Concern is echoing around the Glens of Antrim and all along the Causeway Coast about the possible introduction of ‘National Park’ status for the region. The area boasts the World renowned Glens, the Carrick-a-Rede rope bridge and the only UNESCO world heritage site in the North, the Giant’s Causeway, among its many prestigious features.
Residents from the tourism, farming and community sector travelled together by bus from Moyle to Newcastle County Down to hear representatives from the Brecon Beacons in Wales relate stories of living within the confines of a National Park.
The Mournes; the CausewayCoast and Antrim Glens, and the Fermanagh Lakelands have been short listed for designation. SDLP Environment Minister, Alex Attwood has confirmed he hopes to designate two of the three locations as National Parks.
“I was along with nearly nine hundred people packed into the Slieve Donard Hotel to hear about the impact on daily life by representatives from the BreconBeaconsNational Park. It would have been nice if the Minister had attended to hear for himself about the toll he is set to inflict on rural communities.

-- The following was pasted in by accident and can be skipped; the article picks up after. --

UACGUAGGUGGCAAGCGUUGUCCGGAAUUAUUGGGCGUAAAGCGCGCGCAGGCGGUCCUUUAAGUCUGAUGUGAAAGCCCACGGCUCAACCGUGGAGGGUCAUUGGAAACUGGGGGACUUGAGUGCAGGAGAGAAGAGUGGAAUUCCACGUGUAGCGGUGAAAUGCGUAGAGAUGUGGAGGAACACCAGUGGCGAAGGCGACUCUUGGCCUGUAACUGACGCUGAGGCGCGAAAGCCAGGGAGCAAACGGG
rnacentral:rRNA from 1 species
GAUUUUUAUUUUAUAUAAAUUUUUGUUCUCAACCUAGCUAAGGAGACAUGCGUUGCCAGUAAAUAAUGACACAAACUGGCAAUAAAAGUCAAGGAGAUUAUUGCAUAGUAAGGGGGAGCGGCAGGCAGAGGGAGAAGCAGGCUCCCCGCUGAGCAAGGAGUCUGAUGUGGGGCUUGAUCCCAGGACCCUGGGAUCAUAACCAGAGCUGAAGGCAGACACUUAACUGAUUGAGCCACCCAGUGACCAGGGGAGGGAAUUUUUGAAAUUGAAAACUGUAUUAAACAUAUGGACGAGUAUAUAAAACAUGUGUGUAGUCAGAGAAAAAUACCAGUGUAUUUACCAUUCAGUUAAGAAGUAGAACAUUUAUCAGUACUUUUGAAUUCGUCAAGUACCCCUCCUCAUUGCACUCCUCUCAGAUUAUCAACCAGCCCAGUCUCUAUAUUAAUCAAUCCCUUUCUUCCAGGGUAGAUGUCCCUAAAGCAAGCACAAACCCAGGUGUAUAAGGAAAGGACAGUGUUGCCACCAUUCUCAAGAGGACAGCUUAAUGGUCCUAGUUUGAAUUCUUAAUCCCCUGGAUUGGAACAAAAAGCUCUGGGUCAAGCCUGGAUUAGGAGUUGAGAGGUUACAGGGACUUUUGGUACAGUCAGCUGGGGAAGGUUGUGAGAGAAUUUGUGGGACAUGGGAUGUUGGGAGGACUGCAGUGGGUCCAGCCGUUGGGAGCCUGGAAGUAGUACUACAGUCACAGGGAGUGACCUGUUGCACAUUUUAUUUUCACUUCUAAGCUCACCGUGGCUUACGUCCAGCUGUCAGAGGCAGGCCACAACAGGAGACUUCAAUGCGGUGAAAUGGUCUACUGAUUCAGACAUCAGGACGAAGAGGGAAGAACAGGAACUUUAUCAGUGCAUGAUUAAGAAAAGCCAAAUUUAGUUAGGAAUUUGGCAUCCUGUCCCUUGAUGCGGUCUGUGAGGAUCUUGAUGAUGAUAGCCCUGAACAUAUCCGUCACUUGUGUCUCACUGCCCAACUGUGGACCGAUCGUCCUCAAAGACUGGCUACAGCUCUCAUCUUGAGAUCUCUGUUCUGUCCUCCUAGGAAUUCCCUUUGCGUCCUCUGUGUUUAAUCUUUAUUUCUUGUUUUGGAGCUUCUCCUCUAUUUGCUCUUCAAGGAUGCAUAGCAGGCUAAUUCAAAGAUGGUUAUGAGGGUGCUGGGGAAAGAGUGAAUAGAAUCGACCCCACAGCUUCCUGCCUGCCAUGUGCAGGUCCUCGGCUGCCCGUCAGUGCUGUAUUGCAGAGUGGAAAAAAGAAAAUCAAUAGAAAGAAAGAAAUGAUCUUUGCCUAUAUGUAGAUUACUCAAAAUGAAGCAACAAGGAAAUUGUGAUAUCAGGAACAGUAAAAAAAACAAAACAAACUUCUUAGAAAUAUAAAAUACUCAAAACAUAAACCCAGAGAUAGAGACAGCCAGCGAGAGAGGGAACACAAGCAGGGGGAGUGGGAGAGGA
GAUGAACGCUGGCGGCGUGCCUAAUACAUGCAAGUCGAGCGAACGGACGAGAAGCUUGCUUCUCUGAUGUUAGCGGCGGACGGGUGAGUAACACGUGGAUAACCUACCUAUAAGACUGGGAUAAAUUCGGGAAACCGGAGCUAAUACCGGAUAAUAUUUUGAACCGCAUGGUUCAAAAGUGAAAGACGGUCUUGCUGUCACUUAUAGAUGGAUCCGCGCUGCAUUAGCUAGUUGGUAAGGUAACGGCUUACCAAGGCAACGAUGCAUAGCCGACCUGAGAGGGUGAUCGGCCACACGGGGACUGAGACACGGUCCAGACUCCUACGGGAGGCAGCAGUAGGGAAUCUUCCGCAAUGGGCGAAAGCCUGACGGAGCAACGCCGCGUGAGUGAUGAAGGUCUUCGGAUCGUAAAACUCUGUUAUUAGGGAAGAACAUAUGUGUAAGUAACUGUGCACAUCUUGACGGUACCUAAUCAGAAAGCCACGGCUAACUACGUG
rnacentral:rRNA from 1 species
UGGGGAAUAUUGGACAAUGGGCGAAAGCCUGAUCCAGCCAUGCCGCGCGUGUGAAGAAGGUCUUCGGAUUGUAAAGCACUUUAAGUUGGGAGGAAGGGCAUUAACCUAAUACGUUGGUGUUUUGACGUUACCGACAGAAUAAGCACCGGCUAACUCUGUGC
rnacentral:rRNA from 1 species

“Locally the proposals, if allowed to be implemented by the Minister, would devastate rural life and the rural character of Moyle as we know it today. The small heritage town of Ballycastle along with the many villages including Cushendall and Bushmills service the needs of rural dwellers and the farming community. If the economy generated from the rural and farming community was extracted from businesses in our towns and villages, even by a small percentage, it would have a devastating knock on effect.
“The Minister is selling the Parks on the basis of Tourism and the Environment.
Farmers and rural dwellers have been the protectors and the custodians of our environment for centuries. Those from the tourism sector were quick to point to the negative impact the designation of a National Park had on their industry. No verifiable, quantifiable or qualitative evidence has been presented by the Minister to support his tourism theory. The contrary was evidenced in full.
“Communities and farmers here need absolutely no more legislation telling them what they can and cannot do on their own property. Being an area of outstanding natural beauty brings with it legislation ensuring the protection of the Natural and Built Heritage in the region. If, as proposed by the Minister, an unelected Quango is granted the authority to impose new by-laws, property prices for farmers will suffer stagnation and regression as happened in England and Wales. These new authorities has been described as ‘Stalanist’ by local communities.
Return of the Absentee Landlords anyone????